Tag Archives: Civil War

Review: A Slant of Light by Jeffrey Lent

I received an advanced review copy of this novel from the publisher through NetGalley.

My Review:

A Slant of LightOne of my favorite places to visit is The Finger Lakes region in New York so I was thrilled to find an historical fiction novel that is set in this beautiful place.  Malcolm Hopeton moves from New Hampshire with his elderly grandfather and buys a plot of land to farm near Seneca Lake.  Malcolm toils from dawn to dusk for years in order to yield a fertile bounty and he is very successful.  He hires a young boy named Amos Wheeler as farm help which will prove to be one of the biggest mistakes of his life.

Malcolm also meets Bethany and they have a brief and whirlwind romance and settle down to a blissful, married life.  When Malcolm decides to go and fight in The Civil War, and chooses to stay away for all four years of the war, his farm, his wife and all that he holds dear are taken away from him.  He commits a horrific act of violence against Amos and Bethany for which he stands trial.  As the story unfolds we learn that Malcolm is an honorable man who is driven to his breaking point.

The narrative also focuses on the character of Augustus, who I found to be the most interesting character in the novel.  Augustus is also a hardworking farmer that has suffered tragedy very early on in his life.  His pregnant wife, Narcissa, dies in childbirth and he vows to be alone for the rest of his days.  He quickly realizes that he needs someone to help take care of his house and feed him, so he hires Becca Davis and they get along very well.  But Augustus is so focused on staying faithful to his dead wife that he refuses to see what a great match he and Becca would make.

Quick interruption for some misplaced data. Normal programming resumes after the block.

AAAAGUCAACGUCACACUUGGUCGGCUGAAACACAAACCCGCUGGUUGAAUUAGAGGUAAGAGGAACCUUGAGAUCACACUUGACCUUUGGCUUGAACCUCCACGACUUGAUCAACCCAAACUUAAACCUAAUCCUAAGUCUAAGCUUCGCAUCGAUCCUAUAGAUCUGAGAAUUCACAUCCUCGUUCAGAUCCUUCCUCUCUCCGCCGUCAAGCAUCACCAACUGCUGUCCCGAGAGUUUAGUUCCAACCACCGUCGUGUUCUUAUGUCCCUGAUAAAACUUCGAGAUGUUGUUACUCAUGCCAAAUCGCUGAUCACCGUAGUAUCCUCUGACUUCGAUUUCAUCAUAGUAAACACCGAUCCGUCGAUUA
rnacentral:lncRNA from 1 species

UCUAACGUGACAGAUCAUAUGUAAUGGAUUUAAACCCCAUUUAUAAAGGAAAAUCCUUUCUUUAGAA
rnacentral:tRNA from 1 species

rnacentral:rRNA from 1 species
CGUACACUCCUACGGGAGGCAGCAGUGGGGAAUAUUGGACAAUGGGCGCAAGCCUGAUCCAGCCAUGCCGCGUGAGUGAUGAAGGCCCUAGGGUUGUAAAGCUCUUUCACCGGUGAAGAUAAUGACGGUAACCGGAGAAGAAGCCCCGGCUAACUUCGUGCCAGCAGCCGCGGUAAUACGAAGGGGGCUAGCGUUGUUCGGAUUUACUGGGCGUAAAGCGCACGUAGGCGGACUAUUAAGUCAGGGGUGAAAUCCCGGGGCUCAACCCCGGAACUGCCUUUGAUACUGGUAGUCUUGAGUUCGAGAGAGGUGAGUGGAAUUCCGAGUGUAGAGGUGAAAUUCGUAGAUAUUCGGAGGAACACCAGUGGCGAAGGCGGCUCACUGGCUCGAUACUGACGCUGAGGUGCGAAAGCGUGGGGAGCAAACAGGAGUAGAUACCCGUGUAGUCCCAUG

One theme that is carried throughout the novel is the abuse of women.  Bethany is treated poorly by her father and is beaten mercilessly when he perceives that she has committed a sin.  She finds solace and love with Malcolm, who turns around and abandons her to go off to war.  When Malcolm is gone she is emotionally and physically abused by Amos Wheeler.  Bethany’s life comes to a tragic end at the hands of her husband who, brought to his breaking point, kills Wheeler and in the ensuing struggle accidentally kills her as well.

Becca is treated well by Augustus but it becomes clear that she feels more for him than an employee feels for an employer.  When Augusts takes in Becca’s teenage brother the three of them live together as a pseudo-family and Becca seems especially content with her living situation.  But at two kept points in the novel Becca tries to have a serious conversation with Augustus and she is frustrated that she is still treated by him like nothing more than the hired help.

The bucolic language of the book captures the beauty and peacefulness of this region and the serene landscape stands in sharp contrast to the turmoil of the characters’ struggles.  A SLANT OF LIGHT is an intense read that comes to an abrupt and incomplete ending.  I was happy to read on Jeffrey Lent’s website that this book is the first in a two book deal with Bloomsbury.  I look forward to the next installment.

Visit the author’s website for more information about his other novels: http://www.jeffreylent.com/

1 Comment

Filed under Historical Fiction, Literary Fiction

Review and Giveaway: Sisters of Shiloh by Kathy and Beck Hepinstall